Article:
In July 2021, S&P Global reported on WEC’s support for the passage of the Minnesota Natural gas Innovation Act, which establishes a voluntary incentive for utilities to incorporate resources including green hydrogen and “renewable natural gas” into their operations. In September 2021, Illinois Governor Pritzker signed into law the Illinois Clean Energy Jobs Act to authorize a carbon-free power sector by 2045, which WEC had opposed in the bill’s March 2021 Illinois Energy and Environment Committee hearing. In its 2020 Corporate Responsibility report, WEC lists its opposition to the 2020 and 2021 versions of the Minnesota Clean Energy First Act, which would require utilities to prioritize clean energy resources in meeting energy demands.

WEC demonstrates mixed support for the electrification of transportation. In 2019, the company submitted a response to the Wisconsin Public Service Commission docket on electric vehicle policy, appearing to support electric vehicle adoption policies as long as they did not harm the utility franchise. In its recent reports, including the 2020 Corporate Responsibility Report released in July 2021, WEC states support for federal bills that expand the electric transportation market. In its 2019 Corporate Responsibility report, the company lists several state policies in Wisconsin and Michigan related to clean transport with little detail on its positions.

Industry Association Governance: WEC provides a list of industry associations to which it pays membership dues without providing details on the climate positions of these associations or its engagement with them on climate policy. WEC has not published a review of its alignment with its industry associations on climate change. In its 2020 CDP response, WEC discloses its membership to the American Gas Association, where it serves on the board, and Edison Electric Institute, and states that its position on climate change is consistent with both groups with no further detail on how it is attempting to influence them. The American Gas Association maintains a broadly negative stance toward climate policy that includes protecting the role of fossil fuel infrastructure, including recent lobbying against the proposed methane fee in the Biden administration reconciliation bill, while the Edison Electric Institute demonstrates mixed positions.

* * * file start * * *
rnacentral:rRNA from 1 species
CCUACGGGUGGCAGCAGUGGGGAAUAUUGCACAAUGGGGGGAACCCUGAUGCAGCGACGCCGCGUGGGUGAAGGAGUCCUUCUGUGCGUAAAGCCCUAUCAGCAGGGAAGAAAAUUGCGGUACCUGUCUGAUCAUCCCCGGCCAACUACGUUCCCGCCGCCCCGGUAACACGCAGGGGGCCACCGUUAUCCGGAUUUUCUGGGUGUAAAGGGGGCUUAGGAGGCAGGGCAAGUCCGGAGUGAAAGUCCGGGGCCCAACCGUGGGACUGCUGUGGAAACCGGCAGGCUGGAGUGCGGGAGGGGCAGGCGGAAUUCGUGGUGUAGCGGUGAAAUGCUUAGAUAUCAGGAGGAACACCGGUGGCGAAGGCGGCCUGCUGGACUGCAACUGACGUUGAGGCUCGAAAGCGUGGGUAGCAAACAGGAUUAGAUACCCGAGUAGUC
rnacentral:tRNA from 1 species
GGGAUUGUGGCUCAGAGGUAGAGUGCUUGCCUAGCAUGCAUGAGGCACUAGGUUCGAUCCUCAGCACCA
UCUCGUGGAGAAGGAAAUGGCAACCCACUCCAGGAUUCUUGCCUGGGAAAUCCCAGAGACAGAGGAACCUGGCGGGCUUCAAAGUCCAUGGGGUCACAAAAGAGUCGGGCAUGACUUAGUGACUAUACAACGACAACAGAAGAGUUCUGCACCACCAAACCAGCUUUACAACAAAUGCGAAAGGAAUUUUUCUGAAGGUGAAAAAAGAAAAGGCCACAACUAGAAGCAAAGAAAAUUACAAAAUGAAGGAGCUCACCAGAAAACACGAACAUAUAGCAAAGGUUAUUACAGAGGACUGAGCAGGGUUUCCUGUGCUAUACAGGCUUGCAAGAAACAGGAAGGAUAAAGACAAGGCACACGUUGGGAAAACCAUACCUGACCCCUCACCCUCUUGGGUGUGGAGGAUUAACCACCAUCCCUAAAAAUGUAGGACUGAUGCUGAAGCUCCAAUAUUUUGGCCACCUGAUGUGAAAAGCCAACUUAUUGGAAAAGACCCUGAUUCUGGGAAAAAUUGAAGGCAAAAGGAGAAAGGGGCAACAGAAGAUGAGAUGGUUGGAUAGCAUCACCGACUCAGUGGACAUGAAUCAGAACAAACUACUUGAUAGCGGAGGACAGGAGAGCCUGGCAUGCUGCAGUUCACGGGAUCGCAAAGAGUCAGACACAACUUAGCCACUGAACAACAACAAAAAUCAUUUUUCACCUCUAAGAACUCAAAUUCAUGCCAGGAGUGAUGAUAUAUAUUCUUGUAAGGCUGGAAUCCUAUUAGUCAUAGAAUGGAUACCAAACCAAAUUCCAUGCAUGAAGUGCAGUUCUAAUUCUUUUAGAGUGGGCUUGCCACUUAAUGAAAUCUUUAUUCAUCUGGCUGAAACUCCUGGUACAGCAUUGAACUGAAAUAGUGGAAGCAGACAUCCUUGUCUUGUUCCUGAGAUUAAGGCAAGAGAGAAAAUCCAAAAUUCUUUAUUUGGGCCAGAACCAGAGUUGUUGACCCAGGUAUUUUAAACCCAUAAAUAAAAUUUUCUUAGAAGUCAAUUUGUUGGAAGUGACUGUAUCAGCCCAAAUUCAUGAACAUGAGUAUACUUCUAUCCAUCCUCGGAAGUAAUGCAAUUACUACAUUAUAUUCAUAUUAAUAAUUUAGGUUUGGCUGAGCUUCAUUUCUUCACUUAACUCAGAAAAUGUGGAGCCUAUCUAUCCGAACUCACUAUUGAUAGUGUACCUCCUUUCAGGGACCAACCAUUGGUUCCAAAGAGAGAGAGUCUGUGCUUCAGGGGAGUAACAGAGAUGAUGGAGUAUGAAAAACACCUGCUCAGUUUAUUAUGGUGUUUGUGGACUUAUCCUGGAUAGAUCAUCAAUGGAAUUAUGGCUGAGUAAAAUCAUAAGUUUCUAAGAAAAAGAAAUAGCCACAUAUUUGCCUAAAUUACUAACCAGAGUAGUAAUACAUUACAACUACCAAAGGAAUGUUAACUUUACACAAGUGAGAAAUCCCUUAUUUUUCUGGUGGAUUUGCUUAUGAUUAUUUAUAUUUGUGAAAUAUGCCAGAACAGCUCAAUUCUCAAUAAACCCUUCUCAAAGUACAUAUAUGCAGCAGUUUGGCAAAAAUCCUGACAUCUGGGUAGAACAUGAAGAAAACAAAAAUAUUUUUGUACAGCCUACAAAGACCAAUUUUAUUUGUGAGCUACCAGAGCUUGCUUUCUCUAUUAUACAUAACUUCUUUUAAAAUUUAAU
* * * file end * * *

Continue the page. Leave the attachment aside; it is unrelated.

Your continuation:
Strength of Relationship

How to Read our Relationship Score Map

In this section, we depict graphically the relationships the corporation has with trade associations, federations, advocacy groups and other third parties who may be acting on their behalf to influence climate change policy. Each of the columns above represents one relationship the corporation appears to have with such a third party. In these columns, the top, dark section represents the strength of the relationship the corporation has with the influencer. For example if a corporation's senior executive also held a key role in the trade association, we would deem this to be a strong relationship and it would be on the far left of the chart above, with the weaker ones to the right. Click on these grey shaded upper sections for details of these relationships. The middle section contains a link to the organization score details of the influencer concerned, so you can see the details of its climate change policy influence. Click on the middle sections for for details of the trade associations. The lower section contains the organization score of that influencer, the lower the more negatively it is influencing climate policy.